The following scheme summarizes oneVPL architecture and illustrates the linking between various levels:
The sections below offer more details.
Applications link to the dispatcher instead of directly linking to an implementation library.
The dynamic loading of the dispatcher allows the application to choose between many library implementations to load at runtime and route API calls to the chosen implementation.
Static linkage is no longer available on Windows.
Different implementations for different hardware
Different library implementations can target different hardware, which allows each implementation to map hardware capabilities to the oneVPL API.
On the diagram above, the available libraries could be designed for different generations of GPUs as well as other hardware types. This design means that you can write an application using the API that will work on many hardware types, even though the code that implements the API functions in each of these libraries is very different.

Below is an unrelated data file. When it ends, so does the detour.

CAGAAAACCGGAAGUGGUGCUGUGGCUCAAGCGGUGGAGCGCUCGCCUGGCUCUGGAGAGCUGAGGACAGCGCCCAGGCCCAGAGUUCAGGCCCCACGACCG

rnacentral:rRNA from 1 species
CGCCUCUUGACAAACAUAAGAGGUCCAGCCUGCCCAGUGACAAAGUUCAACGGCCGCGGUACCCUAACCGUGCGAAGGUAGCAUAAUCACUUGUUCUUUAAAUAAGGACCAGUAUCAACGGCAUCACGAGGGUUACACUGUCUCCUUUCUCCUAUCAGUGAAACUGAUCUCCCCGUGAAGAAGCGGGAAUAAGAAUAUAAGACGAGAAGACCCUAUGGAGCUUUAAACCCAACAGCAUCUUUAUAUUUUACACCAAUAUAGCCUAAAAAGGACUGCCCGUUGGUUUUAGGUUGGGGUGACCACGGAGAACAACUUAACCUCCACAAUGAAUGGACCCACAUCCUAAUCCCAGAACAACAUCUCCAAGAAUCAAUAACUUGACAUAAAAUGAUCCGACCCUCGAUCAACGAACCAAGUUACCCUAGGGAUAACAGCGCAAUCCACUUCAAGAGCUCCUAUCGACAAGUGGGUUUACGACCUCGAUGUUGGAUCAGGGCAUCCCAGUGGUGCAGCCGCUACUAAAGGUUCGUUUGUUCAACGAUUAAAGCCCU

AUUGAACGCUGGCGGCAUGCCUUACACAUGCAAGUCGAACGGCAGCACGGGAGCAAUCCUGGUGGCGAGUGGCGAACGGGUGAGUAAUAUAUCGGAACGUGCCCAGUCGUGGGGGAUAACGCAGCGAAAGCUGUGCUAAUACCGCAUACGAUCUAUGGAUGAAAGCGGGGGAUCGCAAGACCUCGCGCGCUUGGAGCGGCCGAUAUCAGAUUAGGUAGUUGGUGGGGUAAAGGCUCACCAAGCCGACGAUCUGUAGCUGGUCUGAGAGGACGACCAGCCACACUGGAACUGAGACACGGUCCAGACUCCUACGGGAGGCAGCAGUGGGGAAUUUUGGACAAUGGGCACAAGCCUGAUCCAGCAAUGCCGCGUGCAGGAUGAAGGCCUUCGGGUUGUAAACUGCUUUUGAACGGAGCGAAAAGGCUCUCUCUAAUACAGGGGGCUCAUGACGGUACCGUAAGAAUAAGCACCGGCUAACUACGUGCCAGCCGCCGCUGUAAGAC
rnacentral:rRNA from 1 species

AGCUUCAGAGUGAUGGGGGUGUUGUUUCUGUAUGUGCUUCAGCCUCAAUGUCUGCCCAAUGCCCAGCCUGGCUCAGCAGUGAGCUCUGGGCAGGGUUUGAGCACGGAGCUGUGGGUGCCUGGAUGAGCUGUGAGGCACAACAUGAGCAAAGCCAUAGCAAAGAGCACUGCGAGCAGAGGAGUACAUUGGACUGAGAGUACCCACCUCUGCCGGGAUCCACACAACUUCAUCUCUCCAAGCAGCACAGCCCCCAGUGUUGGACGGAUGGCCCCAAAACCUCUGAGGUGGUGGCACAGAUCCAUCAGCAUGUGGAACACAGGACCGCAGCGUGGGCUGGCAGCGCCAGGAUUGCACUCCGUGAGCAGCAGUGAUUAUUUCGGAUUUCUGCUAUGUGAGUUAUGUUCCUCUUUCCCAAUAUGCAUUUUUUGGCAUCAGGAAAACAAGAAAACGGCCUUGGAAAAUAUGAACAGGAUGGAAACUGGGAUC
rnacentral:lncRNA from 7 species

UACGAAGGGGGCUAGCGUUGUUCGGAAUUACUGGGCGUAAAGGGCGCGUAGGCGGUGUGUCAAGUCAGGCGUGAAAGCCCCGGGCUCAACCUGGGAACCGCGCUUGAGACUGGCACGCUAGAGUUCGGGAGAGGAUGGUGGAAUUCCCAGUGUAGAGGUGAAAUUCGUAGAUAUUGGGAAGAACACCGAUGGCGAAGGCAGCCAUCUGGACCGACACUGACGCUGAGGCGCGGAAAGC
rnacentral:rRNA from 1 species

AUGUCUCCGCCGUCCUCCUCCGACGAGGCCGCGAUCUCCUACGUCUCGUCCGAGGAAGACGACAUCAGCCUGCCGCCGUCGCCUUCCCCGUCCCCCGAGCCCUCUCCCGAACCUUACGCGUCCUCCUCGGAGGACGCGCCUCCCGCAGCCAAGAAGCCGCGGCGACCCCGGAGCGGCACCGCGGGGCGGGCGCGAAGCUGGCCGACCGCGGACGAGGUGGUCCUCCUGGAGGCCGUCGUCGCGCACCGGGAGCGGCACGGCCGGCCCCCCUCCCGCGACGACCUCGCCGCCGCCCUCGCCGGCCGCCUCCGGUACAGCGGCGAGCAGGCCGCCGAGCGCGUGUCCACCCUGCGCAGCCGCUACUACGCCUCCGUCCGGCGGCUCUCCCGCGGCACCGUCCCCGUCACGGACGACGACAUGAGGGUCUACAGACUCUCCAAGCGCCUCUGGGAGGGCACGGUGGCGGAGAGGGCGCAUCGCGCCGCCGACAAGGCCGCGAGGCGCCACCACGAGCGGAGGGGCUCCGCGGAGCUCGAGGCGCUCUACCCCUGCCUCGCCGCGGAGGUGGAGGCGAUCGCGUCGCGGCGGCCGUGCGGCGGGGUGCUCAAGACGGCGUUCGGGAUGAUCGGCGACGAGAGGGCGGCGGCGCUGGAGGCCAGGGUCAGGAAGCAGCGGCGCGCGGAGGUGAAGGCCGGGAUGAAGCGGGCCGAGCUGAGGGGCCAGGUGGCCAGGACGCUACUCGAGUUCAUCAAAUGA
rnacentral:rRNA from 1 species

This allows applications to focus on functionality instead of maintaining multiple device-specific code pathways. It also future-proofs the application code since new hardware can be enabled by adding another implementation library without changes to the application code.
Different implementations for the same hardware
In some cases, a single hardware type can have multiple API implementations.
For Intel GPUs, the legacy Intel® Media SDK implementation provides access to legacy GPU hardware acceleration, while the oneVPL implementation enables newer hardware. Both oneVPL and Intel® Media SDK implementations are included in the GPU runtime packages. Legacy Intel® Media SDK GPU implementations are most widely available today.
Where multiple implementations for a hardware type are available, the dispatcher determines which one to load based on the runtime environment.